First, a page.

# Multivariate Bijections

## Background​

The fundamental idea of normalizing flows also applies to multivariate random variables, and this is where its value is clearly seen - representing complex high-dimensional distributions. In this case, a simple multivariate source of noise, for example a standard i.i.d. normal distribution, $X\sim\mathcal{N}(\mathbf{0},I_{D\times D})$, is passed through a vector-valued bijection, $g:\mathbb{R}^D\rightarrow\mathbb{R}^D$, to produce the more complex transformed variable $Y=g(X)$.

Sampling $Y$ is again trivial and involves evaluation of the forward pass of $g$. We can score $Y$ using the multivariate substitution rule of integral calculus,

\begin{aligned} \mathbb{E}_{p_X(\cdot)}\left[f(X)\right] &= \int_{\text{supp}(X)}f(\mathbf{x})p_X(\mathbf{x})d\mathbf{x}\\ &= \int_{\text{supp}(Y)}f(g^{-1}(\mathbf{y}))p_X(g^{-1}(\mathbf{y}))\det\left|\frac{d\mathbf{x}}{d\mathbf{y}}\right|d\mathbf{y}\\ &= \mathbb{E}_{p_Y(\cdot)}\left[f(g^{-1}(Y))\right], \end{aligned}

where $d\mathbf{x}/d\mathbf{y}$ denotes the Jacobian matrix of $g^{-1}(\mathbf{y})$. Equating the last two lines we get,

\begin{aligned} \log(p_Y(y)) &= \log(p_X(g^{-1}(y)))+\log\left(\det\left|\frac{d\mathbf{x}}{d\mathbf{y}}\right|\right)\\ &= \log(p_X(g^{-1}(y)))-\log\left(\det\left|\frac{d\mathbf{y}}{d\mathbf{x}}\right|\right). \end{aligned}

Inituitively, this equation says that the density of $Y$ is equal to the density at the corresponding point in $X$ plus a term that corrects for the warp in volume around an infinitesimally small volume around $Y$ caused by the transformation. For instance, in $2$-dimensions, the geometric interpretation of the absolute value of the determinant of a Jacobian is that it represents the area of a parallelogram with edges defined by the columns of the Jacobian. In $n$-dimensions, the geometric interpretation of the absolute value of the determinant Jacobian is that is represents the hyper-volume of a parallelepiped with $n$ edges defined by the columns of the Jacobian (see a calculus reference such as  for more details).

Similar to the univariate case, we can compose such bijective transformations to produce even more complex distributions. By an inductive argument, if we have $L$ transforms $g_{(0)}, g_{(1)},\ldots,g_{(L-1)}$, then the log-density of the transformed variable $Y=(g_{(0)}\circ g_{(1)}\circ\cdots\circ g_{(L-1)})(X)$ is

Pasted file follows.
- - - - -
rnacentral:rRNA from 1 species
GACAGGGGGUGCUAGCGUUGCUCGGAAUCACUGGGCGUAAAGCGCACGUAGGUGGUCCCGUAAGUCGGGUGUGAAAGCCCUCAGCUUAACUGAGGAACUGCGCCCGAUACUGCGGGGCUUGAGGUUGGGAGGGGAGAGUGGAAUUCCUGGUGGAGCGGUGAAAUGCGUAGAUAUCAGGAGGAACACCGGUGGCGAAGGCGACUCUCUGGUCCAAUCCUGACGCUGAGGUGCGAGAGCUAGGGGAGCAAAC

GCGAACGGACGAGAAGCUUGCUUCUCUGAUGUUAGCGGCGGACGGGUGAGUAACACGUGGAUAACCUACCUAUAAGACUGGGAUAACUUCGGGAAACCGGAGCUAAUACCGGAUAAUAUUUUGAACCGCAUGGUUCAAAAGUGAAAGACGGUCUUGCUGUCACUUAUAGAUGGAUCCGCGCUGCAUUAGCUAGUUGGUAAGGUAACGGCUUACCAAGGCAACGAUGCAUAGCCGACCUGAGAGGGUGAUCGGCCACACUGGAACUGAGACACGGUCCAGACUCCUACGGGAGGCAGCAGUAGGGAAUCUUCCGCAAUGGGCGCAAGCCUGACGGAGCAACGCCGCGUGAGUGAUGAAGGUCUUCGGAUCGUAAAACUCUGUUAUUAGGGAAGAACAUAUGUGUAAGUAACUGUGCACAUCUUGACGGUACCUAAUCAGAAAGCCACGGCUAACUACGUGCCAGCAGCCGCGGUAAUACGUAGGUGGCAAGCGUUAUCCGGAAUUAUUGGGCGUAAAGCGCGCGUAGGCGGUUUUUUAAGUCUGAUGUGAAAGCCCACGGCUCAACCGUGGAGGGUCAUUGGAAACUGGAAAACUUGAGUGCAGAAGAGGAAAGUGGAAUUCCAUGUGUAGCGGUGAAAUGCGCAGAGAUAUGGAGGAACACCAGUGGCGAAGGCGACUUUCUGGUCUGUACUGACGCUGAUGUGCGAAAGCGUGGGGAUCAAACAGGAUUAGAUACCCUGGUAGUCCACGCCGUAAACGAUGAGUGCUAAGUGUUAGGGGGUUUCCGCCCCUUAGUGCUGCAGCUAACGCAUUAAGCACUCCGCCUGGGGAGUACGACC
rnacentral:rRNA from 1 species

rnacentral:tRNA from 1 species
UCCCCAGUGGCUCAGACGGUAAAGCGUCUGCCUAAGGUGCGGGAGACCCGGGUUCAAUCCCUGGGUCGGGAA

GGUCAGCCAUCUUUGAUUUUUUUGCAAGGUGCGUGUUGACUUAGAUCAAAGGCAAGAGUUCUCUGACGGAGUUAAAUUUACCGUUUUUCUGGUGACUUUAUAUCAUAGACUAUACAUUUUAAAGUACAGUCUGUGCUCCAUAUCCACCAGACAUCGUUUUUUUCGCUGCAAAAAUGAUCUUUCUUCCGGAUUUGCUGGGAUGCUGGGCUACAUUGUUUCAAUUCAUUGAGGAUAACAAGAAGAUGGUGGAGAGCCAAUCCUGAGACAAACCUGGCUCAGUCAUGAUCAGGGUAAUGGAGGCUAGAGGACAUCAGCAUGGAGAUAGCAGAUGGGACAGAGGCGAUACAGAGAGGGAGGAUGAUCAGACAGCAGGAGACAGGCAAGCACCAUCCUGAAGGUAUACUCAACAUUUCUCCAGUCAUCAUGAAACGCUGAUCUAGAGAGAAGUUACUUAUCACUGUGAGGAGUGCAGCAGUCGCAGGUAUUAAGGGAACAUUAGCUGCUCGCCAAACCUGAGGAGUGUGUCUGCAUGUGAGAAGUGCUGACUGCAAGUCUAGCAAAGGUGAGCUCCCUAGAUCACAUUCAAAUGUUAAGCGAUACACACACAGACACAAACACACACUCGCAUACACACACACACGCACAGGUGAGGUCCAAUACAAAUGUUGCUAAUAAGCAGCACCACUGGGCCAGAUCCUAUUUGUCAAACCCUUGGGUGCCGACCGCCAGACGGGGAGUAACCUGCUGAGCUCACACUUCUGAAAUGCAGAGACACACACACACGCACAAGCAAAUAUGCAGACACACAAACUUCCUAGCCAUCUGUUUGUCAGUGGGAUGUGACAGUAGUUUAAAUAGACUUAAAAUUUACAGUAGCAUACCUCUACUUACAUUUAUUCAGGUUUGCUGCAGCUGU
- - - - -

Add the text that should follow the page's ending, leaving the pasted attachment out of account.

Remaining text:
\begin{aligned} \log(p_Y(y)) &= \log\left(p_X\left(\left(g_{(L-1)}^{-1}\circ\cdots\circ g_{(0)}^{-1}\right)\left(y\right)\right)\right)+\sum^{L-1}_{l=0}\log\left(\left|\frac{dg^{-1}_{(l)}(y_{(l)})}{dy'}\right|\right), \end{aligned}

where we've defined $y_{(0)}=x$, $y_{(L-1)}=y$ for convenience of notation.

The main challenge is in designing parametrizable multivariate bijections that have closed form expressions for both $g$ and $g^{-1}$, a tractable Jacobian whose calculation scales with $O(D)$ or $O(1)$ rather than $O(D^3)$, and can express a flexible class of functions.

## Multivariate Bijectors​

In this section, we show how to use bij.SplineAutoregressive to learn the bivariate toy distribution from our running example. Making a simple change we can represent bivariate distributions of the form, $p(x_1,x_2)=p(x_1)p(x_2|x_1)$:

dist_x = torch.distributions.Independent(  torch.distributions.Normal(torch.zeros(2), torch.ones(2)),   1)bijector = bij.SplineAutoregressive()dist_y = dist.Flow(dist_x, bijector)

The bij.SplineAutoregressive bijector extends bij.Spline so that the spline parameters are the output of an autoregressive neural network. See [durkan2019neural] and [germain2015made] for more details.

Similarly to before, we train this distribution on the toy dataset and plot the results:

dataset = torch.tensor(X, dtype=torch.float)optimizer = torch.optim.Adam(dist_y.parameters(), lr=5e-3)for step in range(steps):    optimizer.zero_grad()    loss = -dist_y.log_prob(dataset).mean()    loss.backward()    optimizer.step()        if step % 500 == 0:        print('step: {}, loss: {}'.format(step, loss.item()))
step: 0, loss: 8.446191787719727step: 500, loss: 2.0197808742523193step: 1000, loss: 1.794958472251892step: 1500, loss: 1.73616361618042step: 2000, loss: 1.7254879474639893step: 2500, loss: 1.691617488861084step: 3000, loss: 1.679549217224121step: 3500, loss: 1.6967085599899292step: 4000, loss: 1.6723777055740356step: 4500, loss: 1.6505967378616333step: 5000, loss: 1.8024061918258667
X_flow = dist_y.sample(torch.Size([1000,])).detach().numpy()plt.title(r'Joint Distribution')plt.xlabel(r'$x_1$')plt.ylabel(r'$x_2$')plt.scatter(X[:,0], X[:,1], label='data', alpha=0.5)plt.scatter(X_flow[:,0], X_flow[:,1], color='firebrick', label='flow', alpha=0.5)plt.legend()plt.show() plt.subplot(1, 2, 1)sns.distplot(X[:,0], hist=False, kde=True,              bins=None,             hist_kws={'edgecolor':'black'},             kde_kws={'linewidth': 2},             label='data')sns.distplot(X_flow[:,0], hist=False, kde=True,              bins=None, color='firebrick',             hist_kws={'edgecolor':'black'},             kde_kws={'linewidth': 2},             label='flow')plt.title(r'$p(x_1)$')plt.subplot(1, 2, 2)sns.distplot(X[:,1], hist=False, kde=True,              bins=None,             hist_kws={'edgecolor':'black'},             kde_kws={'linewidth': 2},             label='data')sns.distplot(X_flow[:,1], hist=False, kde=True,              bins=None, color='firebrick',             hist_kws={'edgecolor':'black'},             kde_kws={'linewidth': 2},             label='flow')plt.title(r'$p(x_2)$')plt.show() We see from the output that this normalizing flow has successfully learnt both the univariate marginals and the bivariate distribution.